- New York AG Announces Largest COPPA Fine in U.S. History
- December 11, 2018 | Authors: Tracy P. Marshall; Sheila A. Millar
- Law Firms: Keller and Heckman LLP - Washington Office; Keller and Heckman LLP - Washington Office
The New York Attorney General has fined Oath, Inc., the Verizon-owned company formerly known as AOL, a record $4.95 million in penalties for its role in allegedly helping advertisers track and target ads to children in violation of the Children's Online Privacy Protection Act (COPPA). According to the New York Attorney General's Press Release, AOL conducted billions of auctions between October 2015 and February 2017 for ad space on hundreds of websites the company knew were aimed at children under the age of 13 and collected and shared personal information of users, including young children, in violation of COPPA. In addition to paying the nearly $5 million fine, Oath agreed to implement a comprehensive COPPA compliance program and destroy all personal information collected from children.
COPPA requires that that companies obtain verifiable consent from parents before collecting, using, or disclosing the personal information of children under 13 online. The definition of "personal information" was updated in 2013 to include cookies, geolocation data, and other persistent identifiers that can be used to recognize a user over time and across websites. While operators of child-directed online services may use persistent identifiers solely to support internal operations, use for behavioral advertising purposes is not covered by this exception.
According to the New York AG, AOL's policies prohibited COPPA-covered websites from using its display ad exchange to auction ad space, but documents obtained during the investigation revealed that AOL knew that its actions violated COPPA. The AG contends that the company carried out some 750 million auctions for ad space on COPPA-covered websites.
This past year has seen seismic shifts in data privacy with the enactment of the California Consumer Protection Act in July and the entry into force of the EU General Data Protection Regulation in May. Privacy issues loom large on the Congressional agenda for 2019 as well, with many expecting the introduction of national privacy legislation in the next session. This year also marks the twentieth anniversary of COPPA, which has brought renewed scrutiny of children's data privacy by consumer advocates and regulators and the possibility of amendments.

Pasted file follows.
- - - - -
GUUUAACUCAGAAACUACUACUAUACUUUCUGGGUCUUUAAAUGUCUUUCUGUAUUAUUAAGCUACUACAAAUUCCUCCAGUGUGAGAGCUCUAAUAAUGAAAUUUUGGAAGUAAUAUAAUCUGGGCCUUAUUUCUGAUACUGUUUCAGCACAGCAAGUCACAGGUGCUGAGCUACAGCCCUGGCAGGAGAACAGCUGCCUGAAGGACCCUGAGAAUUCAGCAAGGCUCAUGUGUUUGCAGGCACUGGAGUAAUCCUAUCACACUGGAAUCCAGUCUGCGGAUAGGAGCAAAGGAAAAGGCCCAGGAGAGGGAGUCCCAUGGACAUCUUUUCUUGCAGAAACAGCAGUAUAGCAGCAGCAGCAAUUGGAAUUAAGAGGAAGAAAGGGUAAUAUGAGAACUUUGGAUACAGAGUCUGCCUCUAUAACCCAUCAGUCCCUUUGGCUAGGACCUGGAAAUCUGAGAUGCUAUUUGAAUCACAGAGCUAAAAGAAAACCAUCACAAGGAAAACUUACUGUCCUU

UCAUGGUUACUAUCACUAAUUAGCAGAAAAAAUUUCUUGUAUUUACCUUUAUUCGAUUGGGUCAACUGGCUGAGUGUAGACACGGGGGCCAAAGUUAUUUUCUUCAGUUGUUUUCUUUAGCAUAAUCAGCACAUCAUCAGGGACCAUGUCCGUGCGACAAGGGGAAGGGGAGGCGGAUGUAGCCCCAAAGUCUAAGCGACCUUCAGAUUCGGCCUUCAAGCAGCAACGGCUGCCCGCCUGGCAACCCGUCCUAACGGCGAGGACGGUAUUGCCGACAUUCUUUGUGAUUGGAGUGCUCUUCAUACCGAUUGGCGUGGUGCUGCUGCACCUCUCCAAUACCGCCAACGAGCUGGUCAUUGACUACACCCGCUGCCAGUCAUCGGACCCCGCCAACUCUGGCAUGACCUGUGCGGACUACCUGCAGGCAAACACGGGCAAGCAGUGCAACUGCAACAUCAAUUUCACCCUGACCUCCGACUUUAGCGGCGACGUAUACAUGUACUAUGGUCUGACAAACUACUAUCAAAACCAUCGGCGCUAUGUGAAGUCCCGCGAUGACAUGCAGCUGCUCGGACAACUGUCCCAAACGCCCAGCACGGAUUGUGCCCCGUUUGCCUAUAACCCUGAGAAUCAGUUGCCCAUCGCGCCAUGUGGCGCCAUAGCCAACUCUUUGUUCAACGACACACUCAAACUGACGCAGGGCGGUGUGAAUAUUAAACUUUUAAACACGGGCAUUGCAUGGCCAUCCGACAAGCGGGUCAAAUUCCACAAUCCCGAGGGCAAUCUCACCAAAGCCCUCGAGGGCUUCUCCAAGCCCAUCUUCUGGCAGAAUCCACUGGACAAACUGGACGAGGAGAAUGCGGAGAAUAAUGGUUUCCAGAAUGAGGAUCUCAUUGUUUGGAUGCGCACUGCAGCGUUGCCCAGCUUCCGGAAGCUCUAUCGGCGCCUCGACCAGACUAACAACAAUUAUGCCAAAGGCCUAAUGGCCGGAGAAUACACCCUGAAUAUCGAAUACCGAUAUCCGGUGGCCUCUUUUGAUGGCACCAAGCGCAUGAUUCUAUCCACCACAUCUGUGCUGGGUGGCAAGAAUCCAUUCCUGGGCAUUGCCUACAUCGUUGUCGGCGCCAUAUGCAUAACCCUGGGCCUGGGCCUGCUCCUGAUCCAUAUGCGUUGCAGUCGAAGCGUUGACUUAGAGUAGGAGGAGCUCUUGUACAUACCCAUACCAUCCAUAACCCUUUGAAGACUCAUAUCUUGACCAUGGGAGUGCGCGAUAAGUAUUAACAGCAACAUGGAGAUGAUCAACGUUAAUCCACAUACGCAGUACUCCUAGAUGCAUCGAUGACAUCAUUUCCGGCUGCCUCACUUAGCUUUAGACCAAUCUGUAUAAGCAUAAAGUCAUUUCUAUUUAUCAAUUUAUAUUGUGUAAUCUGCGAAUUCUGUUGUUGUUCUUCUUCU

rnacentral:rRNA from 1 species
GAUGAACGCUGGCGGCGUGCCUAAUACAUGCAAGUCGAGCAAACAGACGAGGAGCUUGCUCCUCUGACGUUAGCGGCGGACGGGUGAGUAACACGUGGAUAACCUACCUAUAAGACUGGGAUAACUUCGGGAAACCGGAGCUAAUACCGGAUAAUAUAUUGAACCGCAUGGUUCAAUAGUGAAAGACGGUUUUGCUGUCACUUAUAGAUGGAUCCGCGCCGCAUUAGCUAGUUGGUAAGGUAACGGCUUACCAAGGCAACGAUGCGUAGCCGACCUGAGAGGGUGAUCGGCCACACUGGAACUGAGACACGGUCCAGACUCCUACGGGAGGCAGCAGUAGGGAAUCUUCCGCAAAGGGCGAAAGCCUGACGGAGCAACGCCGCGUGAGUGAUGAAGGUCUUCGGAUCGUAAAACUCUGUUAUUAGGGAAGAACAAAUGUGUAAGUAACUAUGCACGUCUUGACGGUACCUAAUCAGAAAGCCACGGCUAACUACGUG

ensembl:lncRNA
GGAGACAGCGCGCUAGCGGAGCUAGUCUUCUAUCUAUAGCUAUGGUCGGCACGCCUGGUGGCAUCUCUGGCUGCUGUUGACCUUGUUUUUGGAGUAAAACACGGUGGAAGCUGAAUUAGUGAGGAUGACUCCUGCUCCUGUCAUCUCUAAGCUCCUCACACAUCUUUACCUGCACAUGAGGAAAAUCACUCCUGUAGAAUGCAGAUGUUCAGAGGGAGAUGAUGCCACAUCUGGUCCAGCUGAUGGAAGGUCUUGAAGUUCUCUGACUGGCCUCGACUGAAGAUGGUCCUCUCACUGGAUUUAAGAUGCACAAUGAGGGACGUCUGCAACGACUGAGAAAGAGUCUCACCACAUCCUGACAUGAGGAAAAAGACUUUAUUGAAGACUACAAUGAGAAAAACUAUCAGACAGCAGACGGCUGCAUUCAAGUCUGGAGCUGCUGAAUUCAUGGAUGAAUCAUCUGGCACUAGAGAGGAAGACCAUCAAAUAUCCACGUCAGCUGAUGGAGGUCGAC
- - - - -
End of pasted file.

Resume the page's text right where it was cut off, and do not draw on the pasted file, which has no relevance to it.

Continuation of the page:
These recent federal and state enforcement actions nevertheless demonstrate that, after 20 years, the COPPA framework still works well to safeguard children's privacy and its provisions are vigorously enforced. The complaint against Oath is the second complaint brought by the New York AG in the last two years for alleged COPPA violations; in 2016, the New York AG concluded a two-year investigation into the tracking practices of four online publishers for alleged COPPA violations. Other state AGs are flexing their enforcement muscles as well. As recently as September of this year, the New Mexico AG filed a lawsuit for alleged COPPA violations against a children's game app company, Tiny Lab Productions, and the online ad companies that work within Tiny Lab's, including those run by Google and Twitter, and other state AGs have likewise previously acted in response to potential COPPA violations. The Federal Trade Commission (FTC) continues to vigorously enforce COPPA, closing out investigations of alleged COPPA violations against smart toy manufacturer VTech and online talent search company Explore Talent just this year. This means there have been a total of 28 enforcement proceedings since the COPPA rule was issued in 2000.
In general, the level of compliance with COPPA requirements is high. Nevertheless, all businesses that direct their online services to children should evaluate their compliance processes to maintain their commitments to safeguard children's privacy. And, it will be important for them to keep an eye on the evolving privacy landscape in 2019.